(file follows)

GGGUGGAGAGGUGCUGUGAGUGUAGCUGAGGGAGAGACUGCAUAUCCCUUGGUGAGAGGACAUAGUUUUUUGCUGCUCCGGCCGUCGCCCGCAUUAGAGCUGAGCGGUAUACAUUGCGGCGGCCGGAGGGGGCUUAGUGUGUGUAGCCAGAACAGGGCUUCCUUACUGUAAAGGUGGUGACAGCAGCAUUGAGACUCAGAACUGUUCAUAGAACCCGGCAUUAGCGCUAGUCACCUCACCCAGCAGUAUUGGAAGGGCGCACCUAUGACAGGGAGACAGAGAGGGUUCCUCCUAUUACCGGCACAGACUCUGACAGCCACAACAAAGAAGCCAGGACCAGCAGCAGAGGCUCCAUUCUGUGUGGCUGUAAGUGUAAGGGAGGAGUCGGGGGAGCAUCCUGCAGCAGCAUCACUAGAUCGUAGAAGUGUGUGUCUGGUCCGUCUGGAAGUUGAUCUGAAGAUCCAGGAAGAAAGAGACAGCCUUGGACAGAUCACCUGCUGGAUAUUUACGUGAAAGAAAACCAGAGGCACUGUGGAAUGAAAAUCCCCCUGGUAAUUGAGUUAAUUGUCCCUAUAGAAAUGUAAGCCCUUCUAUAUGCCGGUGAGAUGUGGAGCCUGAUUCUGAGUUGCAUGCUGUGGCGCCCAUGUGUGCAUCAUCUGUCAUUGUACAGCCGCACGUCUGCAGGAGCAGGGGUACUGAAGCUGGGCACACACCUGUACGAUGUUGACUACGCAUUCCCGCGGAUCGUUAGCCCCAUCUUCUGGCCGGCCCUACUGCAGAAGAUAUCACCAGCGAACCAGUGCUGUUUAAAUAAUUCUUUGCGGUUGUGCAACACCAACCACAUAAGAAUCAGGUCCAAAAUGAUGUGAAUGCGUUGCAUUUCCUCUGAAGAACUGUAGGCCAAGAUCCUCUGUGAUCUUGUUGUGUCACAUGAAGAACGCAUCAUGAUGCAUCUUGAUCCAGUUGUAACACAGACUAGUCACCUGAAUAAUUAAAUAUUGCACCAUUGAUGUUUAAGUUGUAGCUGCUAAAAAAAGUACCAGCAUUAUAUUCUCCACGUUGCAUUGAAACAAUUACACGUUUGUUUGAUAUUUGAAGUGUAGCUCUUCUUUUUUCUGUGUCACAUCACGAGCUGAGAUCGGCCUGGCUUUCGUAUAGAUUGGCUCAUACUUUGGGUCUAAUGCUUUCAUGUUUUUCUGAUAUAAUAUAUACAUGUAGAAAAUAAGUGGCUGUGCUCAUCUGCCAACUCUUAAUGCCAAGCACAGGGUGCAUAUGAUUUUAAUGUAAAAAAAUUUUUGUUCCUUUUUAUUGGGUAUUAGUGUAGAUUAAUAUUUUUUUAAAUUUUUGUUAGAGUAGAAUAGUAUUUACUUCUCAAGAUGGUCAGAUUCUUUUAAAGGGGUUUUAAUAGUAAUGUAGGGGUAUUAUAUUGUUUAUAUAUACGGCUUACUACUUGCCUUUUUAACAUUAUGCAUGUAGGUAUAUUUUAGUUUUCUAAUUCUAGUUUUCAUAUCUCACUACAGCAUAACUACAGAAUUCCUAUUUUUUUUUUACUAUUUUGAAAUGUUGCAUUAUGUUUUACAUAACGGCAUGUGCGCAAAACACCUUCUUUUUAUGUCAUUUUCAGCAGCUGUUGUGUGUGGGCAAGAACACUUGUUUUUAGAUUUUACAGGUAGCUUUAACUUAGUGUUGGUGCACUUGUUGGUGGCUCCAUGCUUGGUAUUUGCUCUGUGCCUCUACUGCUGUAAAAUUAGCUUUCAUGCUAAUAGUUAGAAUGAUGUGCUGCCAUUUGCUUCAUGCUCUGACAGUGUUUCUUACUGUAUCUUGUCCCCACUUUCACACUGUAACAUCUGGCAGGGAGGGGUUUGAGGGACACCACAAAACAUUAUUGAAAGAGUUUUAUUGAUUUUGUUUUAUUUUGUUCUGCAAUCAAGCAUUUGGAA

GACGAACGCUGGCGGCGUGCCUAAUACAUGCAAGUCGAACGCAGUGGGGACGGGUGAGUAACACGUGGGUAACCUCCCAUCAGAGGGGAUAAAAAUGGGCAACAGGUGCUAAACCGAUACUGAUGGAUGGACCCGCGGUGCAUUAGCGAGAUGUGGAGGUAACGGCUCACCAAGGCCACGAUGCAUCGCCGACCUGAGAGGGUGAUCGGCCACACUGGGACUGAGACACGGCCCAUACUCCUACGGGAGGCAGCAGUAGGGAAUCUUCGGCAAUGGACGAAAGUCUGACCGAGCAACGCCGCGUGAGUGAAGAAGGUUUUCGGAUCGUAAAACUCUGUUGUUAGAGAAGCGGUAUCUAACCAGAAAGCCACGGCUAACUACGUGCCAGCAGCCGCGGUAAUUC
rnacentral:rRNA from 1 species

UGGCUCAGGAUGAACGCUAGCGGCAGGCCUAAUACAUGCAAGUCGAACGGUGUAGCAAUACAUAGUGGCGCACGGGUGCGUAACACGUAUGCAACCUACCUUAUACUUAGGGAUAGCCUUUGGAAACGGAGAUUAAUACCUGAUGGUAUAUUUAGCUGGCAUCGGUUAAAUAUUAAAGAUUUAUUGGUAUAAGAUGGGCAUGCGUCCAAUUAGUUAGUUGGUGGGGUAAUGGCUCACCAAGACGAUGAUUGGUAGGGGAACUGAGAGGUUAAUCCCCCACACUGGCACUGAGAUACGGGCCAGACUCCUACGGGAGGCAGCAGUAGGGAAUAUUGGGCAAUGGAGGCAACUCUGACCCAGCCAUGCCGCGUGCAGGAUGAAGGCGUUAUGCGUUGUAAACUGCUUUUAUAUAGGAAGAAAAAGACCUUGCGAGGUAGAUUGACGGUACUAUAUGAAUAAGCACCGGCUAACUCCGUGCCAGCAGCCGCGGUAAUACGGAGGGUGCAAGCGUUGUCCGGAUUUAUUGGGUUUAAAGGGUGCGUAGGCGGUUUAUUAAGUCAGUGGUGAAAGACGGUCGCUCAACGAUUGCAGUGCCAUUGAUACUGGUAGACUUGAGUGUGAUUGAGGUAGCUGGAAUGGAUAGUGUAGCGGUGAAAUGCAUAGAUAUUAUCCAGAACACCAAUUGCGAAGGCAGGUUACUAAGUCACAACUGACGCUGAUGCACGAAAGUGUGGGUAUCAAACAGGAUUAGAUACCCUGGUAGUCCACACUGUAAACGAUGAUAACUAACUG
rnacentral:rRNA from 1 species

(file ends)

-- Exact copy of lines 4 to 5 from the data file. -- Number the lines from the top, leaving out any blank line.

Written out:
UGGCUCAGGAUGAACGCUAGCGGCAGGCCUAAUACAUGCAAGUCGAACGGUGUAGCAAUACAUAGUGGCGCACGGGUGCGUAACACGUAUGCAACCUACCUUAUACUUAGGGAUAGCCUUUGGAAACGGAGAUUAAUACCUGAUGGUAUAUUUAGCUGGCAUCGGUUAAAUAUUAAAGAUUUAUUGGUAUAAGAUGGGCAUGCGUCCAAUUAGUUAGUUGGUGGGGUAAUGGCUCACCAAGACGAUGAUUGGUAGGGGAACUGAGAGGUUAAUCCCCCACACUGGCACUGAGAUACGGGCCAGACUCCUACGGGAGGCAGCAGUAGGGAAUAUUGGGCAAUGGAGGCAACUCUGACCCAGCCAUGCCGCGUGCAGGAUGAAGGCGUUAUGCGUUGUAAACUGCUUUUAUAUAGGAAGAAAAAGACCUUGCGAGGUAGAUUGACGGUACUAUAUGAAUAAGCACCGGCUAACUCCGUGCCAGCAGCCGCGGUAAUACGGAGGGUGCAAGCGUUGUCCGGAUUUAUUGGGUUUAAAGGGUGCGUAGGCGGUUUAUUAAGUCAGUGGUGAAAGACGGUCGCUCAACGAUUGCAGUGCCAUUGAUACUGGUAGACUUGAGUGUGAUUGAGGUAGCUGGAAUGGAUAGUGUAGCGGUGAAAUGCAUAGAUAUUAUCCAGAACACCAAUUGCGAAGGCAGGUUACUAAGUCACAACUGACGCUGAUGCACGAAAGUGUGGGUAUCAAACAGGAUUAGAUACCCUGGUAGUCCACACUGUAAACGAUGAUAACUAACUG
rnacentral:rRNA from 1 species